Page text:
This World Heritage Site near Cortez is the nation’s premier archeological park and the first National Park dedicated to preserve the works of man. (It was established by Theodore Roosevelt in 1906 for this purpose). The Mesa Verde Visitor and Research Center opened in 2012 to help orient visitors to all the historic sites in the area
• Mesa Verde National Park is home to more than 4,700 archeological sites, including pueblos, masonry towers, farm structures and 600 cliff dwellings. Tours are available (ranger and self-guided) to five of the dwellings. Additionally, there are more than 20 mesa-top sites you can visit on your own.
• Mesa Verde’s original residents lived in the area 1,400 years ago. According to National Park Service, 24 American Indian nations consider Mesa Verde their ancestral home.
• Cliff Palace is the park’s largest dwelling. Researchers believe approximately 100 people lived among its 150 rooms and 23 kivas (ceremonial structures).
• A 7 percent angle include means the “mesa” in Mesa Verde is a bit geologically incorrect. When a mesa leans gently in one direction like this, it’s actually called a “cuesta.”
• Though the park’s semi-arid landscape makes it hard to imagine, 282 seep springs can be found just in Cliff House alone. Seep springs are created when water is absorbed in the pores of the sandstone and works its way to the cliff face.
Black Canyon of the Gunnison National Park
The Black Canyon, so named because the walls are often shrouded in shadows making them appear black, is one of Colorado's most dramatic landscapes. This spot, between Gunnison and Montrose, is perfect for scenic drives where can you peer into the often guardrail-less edge to see the Gunnison River below.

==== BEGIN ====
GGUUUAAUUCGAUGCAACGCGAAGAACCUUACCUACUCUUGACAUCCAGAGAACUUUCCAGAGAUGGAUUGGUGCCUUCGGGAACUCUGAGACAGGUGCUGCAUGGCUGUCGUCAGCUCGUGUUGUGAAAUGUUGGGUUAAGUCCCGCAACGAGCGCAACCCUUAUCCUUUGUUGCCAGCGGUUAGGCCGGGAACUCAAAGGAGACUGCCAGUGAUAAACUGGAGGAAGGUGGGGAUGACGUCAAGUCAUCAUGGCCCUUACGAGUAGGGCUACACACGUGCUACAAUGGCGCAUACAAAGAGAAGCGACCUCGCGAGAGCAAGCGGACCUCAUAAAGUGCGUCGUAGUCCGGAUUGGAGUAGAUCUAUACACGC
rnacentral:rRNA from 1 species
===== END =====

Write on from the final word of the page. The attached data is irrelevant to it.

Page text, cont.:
• The Black Canyon of the Gunnison is 48 miles long. At its deepest, darkest reaches, it drops 2,722 feet; its greatest width is 1,100 feet across; and its narrowest span is only 40 feet across.
• Not impressed? As you gaze into the canyon from one of the park’s many overlooks, consider that it took the Gunnison River 2 million years to do its eroding work on the canyon’s hard rock.
• The river drops at an average of 95 feet per mile as it works its way through the canyon. “By comparison, the Colorado River through Grand Canyon National Park drops an average of 7.5 feet per mile.”
• Painted Wall, the park’s most recognizable geological feature, rises 2,250 feet up from the river and is Colorado’s tallest cliff. The wall’s distinct, veiny white streaks are pegmatite, a type of granite comprised of quartz, feldspar and mica.
• Seven is the number of miles you will travel into the Black Canyon on the Morrow Point Boat Tour (beginning of June through Labor Day), where you’ll learn more facts about the canyon to amaze your friends with and see landmarks like Chipeta Falls, the Curecanti Needle and Pioneer Point.
Read Quick Guide to Colorado National Parks. Or websites for each park are packed with more fun details, information on ranger tours, Junior Ranger activities and photos. The best way to understand the wonder of Colorado’s National Parks is to visit them!
Photos: Andrea Golod/Miles; courtesy of Great Sand Dunes National Park and Preserve; Denise Chambers/Miles; copyright flickr/markbyzewski